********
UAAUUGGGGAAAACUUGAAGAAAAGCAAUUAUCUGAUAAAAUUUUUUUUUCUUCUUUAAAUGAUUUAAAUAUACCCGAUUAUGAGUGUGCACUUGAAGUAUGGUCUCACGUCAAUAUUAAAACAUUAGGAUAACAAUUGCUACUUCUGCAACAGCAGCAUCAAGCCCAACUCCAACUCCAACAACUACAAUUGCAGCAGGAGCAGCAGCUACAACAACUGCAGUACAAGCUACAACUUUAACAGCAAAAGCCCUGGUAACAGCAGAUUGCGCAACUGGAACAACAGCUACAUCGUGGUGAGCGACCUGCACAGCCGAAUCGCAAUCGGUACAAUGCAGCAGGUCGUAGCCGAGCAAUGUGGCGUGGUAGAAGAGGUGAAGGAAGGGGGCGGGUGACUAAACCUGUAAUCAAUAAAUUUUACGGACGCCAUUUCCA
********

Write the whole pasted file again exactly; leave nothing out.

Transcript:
UAAUUGGGGAAAACUUGAAGAAAAGCAAUUAUCUGAUAAAAUUUUUUUUUCUUCUUUAAAUGAUUUAAAUAUACCCGAUUAUGAGUGUGCACUUGAAGUAUGGUCUCACGUCAAUAUUAAAACAUUAGGAUAACAAUUGCUACUUCUGCAACAGCAGCAUCAAGCCCAACUCCAACUCCAACAACUACAAUUGCAGCAGGAGCAGCAGCUACAACAACUGCAGUACAAGCUACAACUUUAACAGCAAAAGCCCUGGUAACAGCAGAUUGCGCAACUGGAACAACAGCUACAUCGUGGUGAGCGACCUGCACAGCCGAAUCGCAAUCGGUACAAUGCAGCAGGUCGUAGCCGAGCAAUGUGGCGUGGUAGAAGAGGUGAAGGAAGGGGGCGGGUGACUAAACCUGUAAUCAAUAAAUUUUACGGACGCCAUUUCCA